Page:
Those interested in teaching in the University’s credit bearing Summer Session should please contact James Chansky, Assistant Dean, Summer Session and Pre-College Programs directly at [email protected] or 401-863-7905.
[email protected] Courses
High school students interested in the intellectual sophistication and varied methods of inquiry typical of a first-year undergraduate liberal arts curriculum pursue these opportunities through [email protected] These non-credit courses are presented in an intensive workshop/seminar format that meets Monday through Friday, for 3 hours per day. Multiple sessions ranging in duration from one week to four weeks are offered, beginning at the end of June and ending the first week in August. The program curriculum reflects the diversity of a college curriculum in general, as well as the diversity of the particular academic fields represented at Brown University. Courses appropriate for this audience should be targeted towards a first-year student: in other words, for those beginning learners who are ready to be intellectually challenged, but might not have all of the building blocks of a more experienced student. For the most part, students are most interested in courses that introduce them to a discipline, a particular mode of inquiry, a particular methodology, or a particular issue or topic that provides a vehicle for such an introduction. Course content and delivery should be designed with the length of the term in mind, so that the goals of the course fit the timeframe. As classes meet for three hours daily, it is crucially important for instructors to consider a varied toolkit of teaching techniques, so that classes are engaging and—as much as possible—interactive. As courses should be designed with the expectation that students will also spend up to 3 hours daily on preparation for each class, outside of class work should be similarly engaging, pointed, and directly connected to work done in class.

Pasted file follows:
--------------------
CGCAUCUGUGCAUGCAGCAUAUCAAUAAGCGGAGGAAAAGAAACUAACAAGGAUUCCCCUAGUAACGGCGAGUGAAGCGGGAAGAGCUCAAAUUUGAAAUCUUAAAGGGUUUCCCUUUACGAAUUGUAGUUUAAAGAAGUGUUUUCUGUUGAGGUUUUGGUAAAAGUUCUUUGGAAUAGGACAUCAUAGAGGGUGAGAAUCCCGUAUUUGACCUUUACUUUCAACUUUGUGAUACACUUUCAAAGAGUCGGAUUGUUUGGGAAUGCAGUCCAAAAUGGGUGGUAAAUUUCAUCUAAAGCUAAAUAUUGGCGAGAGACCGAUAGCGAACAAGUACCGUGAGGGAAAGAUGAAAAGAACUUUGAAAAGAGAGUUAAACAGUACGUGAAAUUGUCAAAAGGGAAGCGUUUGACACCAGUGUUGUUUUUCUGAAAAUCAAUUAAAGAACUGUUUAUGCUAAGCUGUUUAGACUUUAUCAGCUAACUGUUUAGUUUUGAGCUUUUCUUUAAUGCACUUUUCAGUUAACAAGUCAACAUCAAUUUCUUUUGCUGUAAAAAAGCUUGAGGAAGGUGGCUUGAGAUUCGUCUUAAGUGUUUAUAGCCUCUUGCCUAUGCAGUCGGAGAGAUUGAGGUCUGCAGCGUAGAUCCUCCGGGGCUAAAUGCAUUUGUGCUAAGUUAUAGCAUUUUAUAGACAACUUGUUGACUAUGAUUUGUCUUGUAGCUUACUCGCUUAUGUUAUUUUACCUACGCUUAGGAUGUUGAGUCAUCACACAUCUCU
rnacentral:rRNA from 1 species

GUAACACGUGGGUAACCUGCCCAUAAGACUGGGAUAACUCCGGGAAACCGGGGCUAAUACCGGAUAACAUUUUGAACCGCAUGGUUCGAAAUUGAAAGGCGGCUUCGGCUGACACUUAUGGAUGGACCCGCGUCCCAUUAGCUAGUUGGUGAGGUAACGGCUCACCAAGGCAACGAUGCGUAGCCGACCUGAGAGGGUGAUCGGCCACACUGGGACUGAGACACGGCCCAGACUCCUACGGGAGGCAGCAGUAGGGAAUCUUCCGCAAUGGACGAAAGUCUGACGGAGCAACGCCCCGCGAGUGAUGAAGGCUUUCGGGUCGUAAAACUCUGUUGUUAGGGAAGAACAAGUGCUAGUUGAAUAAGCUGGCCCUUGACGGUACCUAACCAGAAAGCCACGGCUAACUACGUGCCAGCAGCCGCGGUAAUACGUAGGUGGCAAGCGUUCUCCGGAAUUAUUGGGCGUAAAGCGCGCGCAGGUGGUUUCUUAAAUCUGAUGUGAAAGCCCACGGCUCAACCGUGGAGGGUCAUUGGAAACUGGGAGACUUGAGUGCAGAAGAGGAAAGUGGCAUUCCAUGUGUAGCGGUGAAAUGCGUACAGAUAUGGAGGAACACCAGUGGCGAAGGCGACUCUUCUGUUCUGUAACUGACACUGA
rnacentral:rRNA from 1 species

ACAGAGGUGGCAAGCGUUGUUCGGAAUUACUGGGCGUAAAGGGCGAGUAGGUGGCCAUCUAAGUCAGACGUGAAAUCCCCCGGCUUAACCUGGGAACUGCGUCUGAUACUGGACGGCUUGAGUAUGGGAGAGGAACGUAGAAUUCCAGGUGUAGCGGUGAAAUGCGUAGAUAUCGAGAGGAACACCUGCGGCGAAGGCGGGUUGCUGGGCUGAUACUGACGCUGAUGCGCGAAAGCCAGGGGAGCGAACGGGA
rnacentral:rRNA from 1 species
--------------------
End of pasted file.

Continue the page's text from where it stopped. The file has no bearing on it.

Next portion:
The Leadership Institute
The Leadership Institute is designed for highly motivated, intellectually curious students who are interested in social issues and making a positive impact in their communities. Consisting of three core elements: academic content, leadership development, and the Action Plan, this program enables students to analyze complex social issues and cultivate both the self-awareness and confidence to act on the knowledge they have gained. Faculty will work with the program director to synthesize course content with the established leadership components of this Institute. Courses are two weeks in length and meet for three hours in the morning and 2 hours in the afternoon. Additionally, students and faculty are required to attend several late afternoon workshops related to leadership development and spend one full day off-site at a low ropes course. Course proposals that provide interdisciplinary, global, and contemporary perspectives and faculty who are committed to youth engagement are well suited for this program.
Brown Environmental Leadership Lab (BELL)
BELL is a leadership program for high school students focused on environmental studies and science through place-based learning. Locations for 2019 include: Alaska, Florida Keys, and Rhode Island. The curriculum for each BELL program varies based on the location, though all programs include an interdisciplinary grouping of lessons including leadership development, science communication, scientific and field methodology, environmental justice, and environmental advocacy. BELL is seeking staff members to fill multiple roles, including instructors, on-site program managers, and leadership coordinators. BELL staff typically have experience working in residential programs such as summer camps, field camps, or outdoor leadership programs. They also typically have experience teaching high school students and utilizing active learning strategies to teach concepts in environmental science and/or leadership.